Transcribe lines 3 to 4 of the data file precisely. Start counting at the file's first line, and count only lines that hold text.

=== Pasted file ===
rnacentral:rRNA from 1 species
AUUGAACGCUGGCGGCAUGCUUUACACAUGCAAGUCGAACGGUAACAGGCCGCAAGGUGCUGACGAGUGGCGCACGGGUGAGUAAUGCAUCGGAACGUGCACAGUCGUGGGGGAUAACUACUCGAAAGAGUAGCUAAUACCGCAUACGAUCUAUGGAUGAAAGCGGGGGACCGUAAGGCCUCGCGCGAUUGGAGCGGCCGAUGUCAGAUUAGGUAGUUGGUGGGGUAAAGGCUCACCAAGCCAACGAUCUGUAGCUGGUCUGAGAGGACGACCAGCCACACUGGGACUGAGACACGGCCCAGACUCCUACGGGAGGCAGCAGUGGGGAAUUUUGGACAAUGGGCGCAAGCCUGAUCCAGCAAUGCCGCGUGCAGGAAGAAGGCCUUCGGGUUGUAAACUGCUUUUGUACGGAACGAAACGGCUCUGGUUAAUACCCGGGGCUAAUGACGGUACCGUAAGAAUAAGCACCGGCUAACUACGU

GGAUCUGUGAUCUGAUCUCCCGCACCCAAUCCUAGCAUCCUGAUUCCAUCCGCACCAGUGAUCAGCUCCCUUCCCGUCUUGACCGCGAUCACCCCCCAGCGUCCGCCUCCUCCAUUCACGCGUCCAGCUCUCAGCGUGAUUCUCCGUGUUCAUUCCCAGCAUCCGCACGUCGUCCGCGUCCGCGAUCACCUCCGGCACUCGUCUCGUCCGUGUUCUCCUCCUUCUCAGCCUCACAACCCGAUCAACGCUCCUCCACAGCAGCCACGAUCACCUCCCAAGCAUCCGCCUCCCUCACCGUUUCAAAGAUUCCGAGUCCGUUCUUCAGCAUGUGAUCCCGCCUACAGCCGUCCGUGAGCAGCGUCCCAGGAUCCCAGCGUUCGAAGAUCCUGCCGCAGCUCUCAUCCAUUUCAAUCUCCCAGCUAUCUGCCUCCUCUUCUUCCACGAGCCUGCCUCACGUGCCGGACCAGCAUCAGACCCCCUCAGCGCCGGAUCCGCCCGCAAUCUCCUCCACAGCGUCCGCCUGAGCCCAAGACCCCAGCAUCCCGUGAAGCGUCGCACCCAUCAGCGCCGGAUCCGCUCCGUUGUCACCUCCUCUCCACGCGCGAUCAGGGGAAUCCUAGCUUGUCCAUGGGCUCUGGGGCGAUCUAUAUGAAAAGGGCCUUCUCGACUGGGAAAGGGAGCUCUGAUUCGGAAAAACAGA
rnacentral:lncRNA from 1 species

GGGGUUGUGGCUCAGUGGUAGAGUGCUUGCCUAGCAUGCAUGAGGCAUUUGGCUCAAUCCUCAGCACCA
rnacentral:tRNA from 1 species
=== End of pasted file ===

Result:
GGAUCUGUGAUCUGAUCUCCCGCACCCAAUCCUAGCAUCCUGAUUCCAUCCGCACCAGUGAUCAGCUCCCUUCCCGUCUUGACCGCGAUCACCCCCCAGCGUCCGCCUCCUCCAUUCACGCGUCCAGCUCUCAGCGUGAUUCUCCGUGUUCAUUCCCAGCAUCCGCACGUCGUCCGCGUCCGCGAUCACCUCCGGCACUCGUCUCGUCCGUGUUCUCCUCCUUCUCAGCCUCACAACCCGAUCAACGCUCCUCCACAGCAGCCACGAUCACCUCCCAAGCAUCCGCCUCCCUCACCGUUUCAAAGAUUCCGAGUCCGUUCUUCAGCAUGUGAUCCCGCCUACAGCCGUCCGUGAGCAGCGUCCCAGGAUCCCAGCGUUCGAAGAUCCUGCCGCAGCUCUCAUCCAUUUCAAUCUCCCAGCUAUCUGCCUCCUCUUCUUCCACGAGCCUGCCUCACGUGCCGGACCAGCAUCAGACCCCCUCAGCGCCGGAUCCGCCCGCAAUCUCCUCCACAGCGUCCGCCUGAGCCCAAGACCCCAGCAUCCCGUGAAGCGUCGCACCCAUCAGCGCCGGAUCCGCUCCGUUGUCACCUCCUCUCCACGCGCGAUCAGGGGAAUCCUAGCUUGUCCAUGGGCUCUGGGGCGAUCUAUAUGAAAAGGGCCUUCUCGACUGGGAAAGGGAGCUCUGAUUCGGAAAAACAGA
rnacentral:lncRNA from 1 species